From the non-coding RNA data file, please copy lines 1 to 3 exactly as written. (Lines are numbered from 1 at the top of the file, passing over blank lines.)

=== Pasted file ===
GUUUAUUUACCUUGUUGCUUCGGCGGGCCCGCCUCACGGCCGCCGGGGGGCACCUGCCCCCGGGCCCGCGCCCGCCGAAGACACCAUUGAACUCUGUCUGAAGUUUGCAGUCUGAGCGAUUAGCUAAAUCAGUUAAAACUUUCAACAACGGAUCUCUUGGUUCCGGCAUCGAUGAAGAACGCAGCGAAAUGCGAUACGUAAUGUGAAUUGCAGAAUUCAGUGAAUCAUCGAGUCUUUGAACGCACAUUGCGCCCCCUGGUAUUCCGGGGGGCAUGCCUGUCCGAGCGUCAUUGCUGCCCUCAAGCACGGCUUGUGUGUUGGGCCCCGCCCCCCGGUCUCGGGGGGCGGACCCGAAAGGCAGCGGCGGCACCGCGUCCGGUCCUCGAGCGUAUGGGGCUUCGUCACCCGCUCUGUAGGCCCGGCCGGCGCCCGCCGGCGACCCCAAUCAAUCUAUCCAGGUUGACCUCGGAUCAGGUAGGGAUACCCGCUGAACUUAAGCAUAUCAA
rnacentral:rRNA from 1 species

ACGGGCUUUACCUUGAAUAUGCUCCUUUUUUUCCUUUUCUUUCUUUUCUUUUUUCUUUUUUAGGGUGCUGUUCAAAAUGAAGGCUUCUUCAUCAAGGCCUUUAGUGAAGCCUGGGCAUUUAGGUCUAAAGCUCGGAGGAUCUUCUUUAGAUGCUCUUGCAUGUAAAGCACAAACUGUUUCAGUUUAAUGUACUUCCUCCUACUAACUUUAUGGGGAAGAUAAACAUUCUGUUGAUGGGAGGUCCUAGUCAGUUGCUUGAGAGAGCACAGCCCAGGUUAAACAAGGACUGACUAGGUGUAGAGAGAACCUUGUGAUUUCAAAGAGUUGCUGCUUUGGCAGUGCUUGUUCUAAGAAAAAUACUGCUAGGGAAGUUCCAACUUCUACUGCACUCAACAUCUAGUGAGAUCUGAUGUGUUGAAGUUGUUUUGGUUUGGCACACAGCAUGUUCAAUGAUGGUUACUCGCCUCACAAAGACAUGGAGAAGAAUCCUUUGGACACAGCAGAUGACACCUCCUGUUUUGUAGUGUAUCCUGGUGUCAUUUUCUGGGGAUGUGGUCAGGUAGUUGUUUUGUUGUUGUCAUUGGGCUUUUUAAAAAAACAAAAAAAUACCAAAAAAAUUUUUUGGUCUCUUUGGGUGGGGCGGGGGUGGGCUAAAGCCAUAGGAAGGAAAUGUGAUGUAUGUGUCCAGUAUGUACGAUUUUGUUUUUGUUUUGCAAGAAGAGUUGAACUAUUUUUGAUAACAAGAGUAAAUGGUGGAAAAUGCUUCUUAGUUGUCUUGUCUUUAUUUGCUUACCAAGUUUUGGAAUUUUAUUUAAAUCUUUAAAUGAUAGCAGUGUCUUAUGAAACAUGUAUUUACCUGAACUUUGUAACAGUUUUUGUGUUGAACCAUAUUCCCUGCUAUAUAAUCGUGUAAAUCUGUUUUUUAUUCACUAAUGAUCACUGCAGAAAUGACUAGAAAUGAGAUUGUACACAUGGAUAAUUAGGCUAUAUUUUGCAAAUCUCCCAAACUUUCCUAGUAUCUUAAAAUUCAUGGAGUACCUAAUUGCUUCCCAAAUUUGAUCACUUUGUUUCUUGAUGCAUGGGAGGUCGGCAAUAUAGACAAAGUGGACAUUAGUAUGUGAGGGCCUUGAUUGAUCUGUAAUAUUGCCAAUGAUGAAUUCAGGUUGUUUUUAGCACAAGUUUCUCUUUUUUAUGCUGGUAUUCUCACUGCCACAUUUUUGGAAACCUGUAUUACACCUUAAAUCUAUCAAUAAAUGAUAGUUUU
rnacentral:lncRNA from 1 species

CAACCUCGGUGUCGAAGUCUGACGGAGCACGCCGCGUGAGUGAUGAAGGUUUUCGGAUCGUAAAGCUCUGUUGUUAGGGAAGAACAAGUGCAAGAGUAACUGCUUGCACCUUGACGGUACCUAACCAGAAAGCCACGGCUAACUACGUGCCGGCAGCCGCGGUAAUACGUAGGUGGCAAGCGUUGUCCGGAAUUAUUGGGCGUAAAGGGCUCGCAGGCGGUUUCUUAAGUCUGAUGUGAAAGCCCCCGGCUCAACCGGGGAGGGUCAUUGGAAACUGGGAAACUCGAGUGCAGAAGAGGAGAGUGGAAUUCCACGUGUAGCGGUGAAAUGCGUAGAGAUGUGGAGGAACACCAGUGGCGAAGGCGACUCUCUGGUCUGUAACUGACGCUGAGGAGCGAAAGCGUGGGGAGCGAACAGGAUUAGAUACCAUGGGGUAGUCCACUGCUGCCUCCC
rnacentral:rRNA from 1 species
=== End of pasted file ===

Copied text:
GUUUAUUUACCUUGUUGCUUCGGCGGGCCCGCCUCACGGCCGCCGGGGGGCACCUGCCCCCGGGCCCGCGCCCGCCGAAGACACCAUUGAACUCUGUCUGAAGUUUGCAGUCUGAGCGAUUAGCUAAAUCAGUUAAAACUUUCAACAACGGAUCUCUUGGUUCCGGCAUCGAUGAAGAACGCAGCGAAAUGCGAUACGUAAUGUGAAUUGCAGAAUUCAGUGAAUCAUCGAGUCUUUGAACGCACAUUGCGCCCCCUGGUAUUCCGGGGGGCAUGCCUGUCCGAGCGUCAUUGCUGCCCUCAAGCACGGCUUGUGUGUUGGGCCCCGCCCCCCGGUCUCGGGGGGCGGACCCGAAAGGCAGCGGCGGCACCGCGUCCGGUCCUCGAGCGUAUGGGGCUUCGUCACCCGCUCUGUAGGCCCGGCCGGCGCCCGCCGGCGACCCCAAUCAAUCUAUCCAGGUUGACCUCGGAUCAGGUAGGGAUACCCGCUGAACUUAAGCAUAUCAA
rnacentral:rRNA from 1 species

ACGGGCUUUACCUUGAAUAUGCUCCUUUUUUUCCUUUUCUUUCUUUUCUUUUUUCUUUUUUAGGGUGCUGUUCAAAAUGAAGGCUUCUUCAUCAAGGCCUUUAGUGAAGCCUGGGCAUUUAGGUCUAAAGCUCGGAGGAUCUUCUUUAGAUGCUCUUGCAUGUAAAGCACAAACUGUUUCAGUUUAAUGUACUUCCUCCUACUAACUUUAUGGGGAAGAUAAACAUUCUGUUGAUGGGAGGUCCUAGUCAGUUGCUUGAGAGAGCACAGCCCAGGUUAAACAAGGACUGACUAGGUGUAGAGAGAACCUUGUGAUUUCAAAGAGUUGCUGCUUUGGCAGUGCUUGUUCUAAGAAAAAUACUGCUAGGGAAGUUCCAACUUCUACUGCACUCAACAUCUAGUGAGAUCUGAUGUGUUGAAGUUGUUUUGGUUUGGCACACAGCAUGUUCAAUGAUGGUUACUCGCCUCACAAAGACAUGGAGAAGAAUCCUUUGGACACAGCAGAUGACACCUCCUGUUUUGUAGUGUAUCCUGGUGUCAUUUUCUGGGGAUGUGGUCAGGUAGUUGUUUUGUUGUUGUCAUUGGGCUUUUUAAAAAAACAAAAAAAUACCAAAAAAAUUUUUUGGUCUCUUUGGGUGGGGCGGGGGUGGGCUAAAGCCAUAGGAAGGAAAUGUGAUGUAUGUGUCCAGUAUGUACGAUUUUGUUUUUGUUUUGCAAGAAGAGUUGAACUAUUUUUGAUAACAAGAGUAAAUGGUGGAAAAUGCUUCUUAGUUGUCUUGUCUUUAUUUGCUUACCAAGUUUUGGAAUUUUAUUUAAAUCUUUAAAUGAUAGCAGUGUCUUAUGAAACAUGUAUUUACCUGAACUUUGUAACAGUUUUUGUGUUGAACCAUAUUCCCUGCUAUAUAAUCGUGUAAAUCUGUUUUUUAUUCACUAAUGAUCACUGCAGAAAUGACUAGAAAUGAGAUUGUACACAUGGAUAAUUAGGCUAUAUUUUGCAAAUCUCCCAAACUUUCCUAGUAUCUUAAAAUUCAUGGAGUACCUAAUUGCUUCCCAAAUUUGAUCACUUUGUUUCUUGAUGCAUGGGAGGUCGGCAAUAUAGACAAAGUGGACAUUAGUAUGUGAGGGCCUUGAUUGAUCUGUAAUAUUGCCAAUGAUGAAUUCAGGUUGUUUUUAGCACAAGUUUCUCUUUUUUAUGCUGGUAUUCUCACUGCCACAUUUUUGGAAACCUGUAUUACACCUUAAAUCUAUCAAUAAAUGAUAGUUUU